Dilli Gang

The film attempt to espouse a social commentary on senior citizens who are abandoned by their children to pursue a career abroad. It also deals with their loneliness and the un safeness in cities. It also raises it voice about the alarming violence and crime against the aged in the capital city. Both these issues are tackled in the film in a tad manner.

Review: Dilli gang portrays the day-to-day problems that ageing parents face, after their ambitious children abandon them so that they could focus on their high-paying jobs in other countries. This film attempts to send across to all those children, who are too busy to notice that their parents need them. Director Ashish Tyagi sheds light on a highly relevant topic for this modern day dilemma has been plaguing our society. While all parents want their children to be successful, they do not wish to be left alone, especially in old age.

Union Law Minister Kapil Sibal has penned two poems which appear before and after in this film. Earlier at a media event of Dilli Gang Sibal had expressed, “If somebody wants to express his feelings and responsibilities towards society then I think Bollywood is the strongest medium.” Alas! Good intentions don’t necessarily make a good film.

An elderly couple in Delhi Vishambar Prasad (Darshan Jariwala) and his wife Sujata (Neena Kulkarni) faces similar issue when their only son Ashish ( Amir Dlavi) leaves them alone and go to overseas to pursue his business and rarely visit them. They just married off their younger daughter amidst much pomp and gaiety. Soon after the wedding their only son goes back to Germany from where he had come only to attend his sister’s wedding. The old couple is left alone in their big mansion in Delhi. To add to their woes, is the rise in crimes committed against senior citizens in the capital.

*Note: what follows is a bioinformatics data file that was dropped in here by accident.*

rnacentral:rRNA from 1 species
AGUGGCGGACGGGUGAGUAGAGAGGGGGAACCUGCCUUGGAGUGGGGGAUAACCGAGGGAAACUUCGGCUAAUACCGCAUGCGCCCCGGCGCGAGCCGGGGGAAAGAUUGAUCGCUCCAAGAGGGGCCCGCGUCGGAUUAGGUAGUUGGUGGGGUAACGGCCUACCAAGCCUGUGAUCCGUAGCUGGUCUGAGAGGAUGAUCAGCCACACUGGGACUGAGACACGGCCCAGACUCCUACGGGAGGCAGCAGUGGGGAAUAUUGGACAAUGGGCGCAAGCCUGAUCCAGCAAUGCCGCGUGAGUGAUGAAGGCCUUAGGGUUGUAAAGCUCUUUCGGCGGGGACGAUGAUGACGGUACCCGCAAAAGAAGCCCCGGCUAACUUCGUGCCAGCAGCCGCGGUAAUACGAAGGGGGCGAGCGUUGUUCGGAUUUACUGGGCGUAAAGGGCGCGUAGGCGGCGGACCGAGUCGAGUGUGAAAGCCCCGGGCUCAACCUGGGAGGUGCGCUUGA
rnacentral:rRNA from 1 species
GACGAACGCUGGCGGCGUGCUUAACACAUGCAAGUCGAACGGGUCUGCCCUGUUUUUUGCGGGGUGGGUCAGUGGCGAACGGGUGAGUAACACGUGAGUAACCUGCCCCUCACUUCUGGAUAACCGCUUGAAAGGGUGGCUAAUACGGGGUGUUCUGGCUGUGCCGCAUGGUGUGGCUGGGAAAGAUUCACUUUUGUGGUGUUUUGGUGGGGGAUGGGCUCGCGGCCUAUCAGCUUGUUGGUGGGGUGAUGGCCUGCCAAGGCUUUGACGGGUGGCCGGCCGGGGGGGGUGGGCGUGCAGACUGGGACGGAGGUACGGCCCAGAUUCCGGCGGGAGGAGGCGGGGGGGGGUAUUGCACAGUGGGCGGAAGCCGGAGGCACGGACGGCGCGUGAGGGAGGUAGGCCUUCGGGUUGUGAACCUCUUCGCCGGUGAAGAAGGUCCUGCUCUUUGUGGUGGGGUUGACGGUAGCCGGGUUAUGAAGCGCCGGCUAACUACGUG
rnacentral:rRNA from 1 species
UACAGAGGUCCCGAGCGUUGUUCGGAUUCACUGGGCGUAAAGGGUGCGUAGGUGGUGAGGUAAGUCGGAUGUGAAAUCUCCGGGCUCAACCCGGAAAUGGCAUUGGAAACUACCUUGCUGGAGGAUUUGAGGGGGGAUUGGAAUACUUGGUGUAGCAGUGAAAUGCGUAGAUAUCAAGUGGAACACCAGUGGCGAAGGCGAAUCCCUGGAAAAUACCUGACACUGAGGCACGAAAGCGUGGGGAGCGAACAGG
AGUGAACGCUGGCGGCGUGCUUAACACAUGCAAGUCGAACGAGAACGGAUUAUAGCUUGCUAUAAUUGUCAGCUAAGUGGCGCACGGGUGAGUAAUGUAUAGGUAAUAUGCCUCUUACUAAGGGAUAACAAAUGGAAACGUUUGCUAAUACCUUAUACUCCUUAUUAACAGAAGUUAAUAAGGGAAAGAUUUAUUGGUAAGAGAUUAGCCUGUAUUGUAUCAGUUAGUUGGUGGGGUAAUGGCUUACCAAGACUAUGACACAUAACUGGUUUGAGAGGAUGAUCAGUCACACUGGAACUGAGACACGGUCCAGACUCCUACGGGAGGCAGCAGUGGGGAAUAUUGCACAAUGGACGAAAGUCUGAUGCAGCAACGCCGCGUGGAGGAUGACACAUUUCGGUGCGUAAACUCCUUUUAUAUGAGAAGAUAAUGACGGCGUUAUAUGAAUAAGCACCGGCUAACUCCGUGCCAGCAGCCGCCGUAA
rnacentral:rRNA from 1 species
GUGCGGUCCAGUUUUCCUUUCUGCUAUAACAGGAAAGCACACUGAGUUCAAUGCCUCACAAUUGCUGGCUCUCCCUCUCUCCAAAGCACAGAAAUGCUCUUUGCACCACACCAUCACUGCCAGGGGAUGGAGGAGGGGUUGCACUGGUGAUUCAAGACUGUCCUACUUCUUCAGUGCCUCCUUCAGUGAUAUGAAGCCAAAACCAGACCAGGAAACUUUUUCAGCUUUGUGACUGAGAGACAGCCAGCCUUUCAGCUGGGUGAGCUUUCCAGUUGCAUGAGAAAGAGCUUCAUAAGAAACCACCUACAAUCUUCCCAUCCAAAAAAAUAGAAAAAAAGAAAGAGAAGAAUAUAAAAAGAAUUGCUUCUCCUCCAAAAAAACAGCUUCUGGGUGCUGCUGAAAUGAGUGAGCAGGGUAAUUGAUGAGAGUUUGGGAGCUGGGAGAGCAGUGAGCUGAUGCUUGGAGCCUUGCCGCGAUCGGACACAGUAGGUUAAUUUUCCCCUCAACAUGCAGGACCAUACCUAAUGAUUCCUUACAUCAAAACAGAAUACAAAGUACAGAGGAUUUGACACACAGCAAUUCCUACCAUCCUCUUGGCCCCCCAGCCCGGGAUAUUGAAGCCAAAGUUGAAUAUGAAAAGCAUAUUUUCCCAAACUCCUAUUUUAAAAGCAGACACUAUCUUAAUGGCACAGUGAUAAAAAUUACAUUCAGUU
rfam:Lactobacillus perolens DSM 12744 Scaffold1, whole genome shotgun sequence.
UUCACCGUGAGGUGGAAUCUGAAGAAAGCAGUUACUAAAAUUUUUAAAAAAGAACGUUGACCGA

Cut to another track, somewhere in this city there are four goons whose livelihood is to murder and loot hapless senior citizens in the city. They do this by pretending to be AC mechanics who offer free checks of ACs even when your AC could be working perfectly fine. Dilliwaalas open their doors to anybody who offers a free service. Then there are domestic servants and drivers who are hand-in-glove with the four criminals. This is not to say that such things do not happen. Newspapers are regularly full of crime stories about how senior citizens are cruelly murdered by thugs for money. The way the proceedings are carried out in this film is way too amateurish and even plain lame. That it employs supporting actors who don’t look convincing doing their part only spoils things further for Dilli Gang. Sadly the crime track is least effective

The family sub-plot is highly emotional and manages to touch your heart, thanks to Nina Kulkarni and Darshan Jariwala’s heartrending performances. You do feel the emotional pain and sense of loss that Ashish experiences because actor Amir Dalvi convincingly does that part of the job. The way the sketchy screenplay and situations unfold in this film is way too simplistic and random. while the whole cop investigating the case and the criminals roaming around freely, in search of new targets or new ‘mummy-papa’ as they keep saying throughout the movie looks way too feeble.
Then there are some half measures about come cop (Yashpal Sharma) having to bear the brunt of the media and his bosses for the rising murder cases of senior citizens in his area. The two issues though interlinked are separate ones. The film gets lost between the two and never raises any larger questions about the safety of senior citizens in big metros where joint families are disintegrating and nuclear families are the order of the day.

Overall, an ineffective execution fails to do justice to the good intent and solid performances.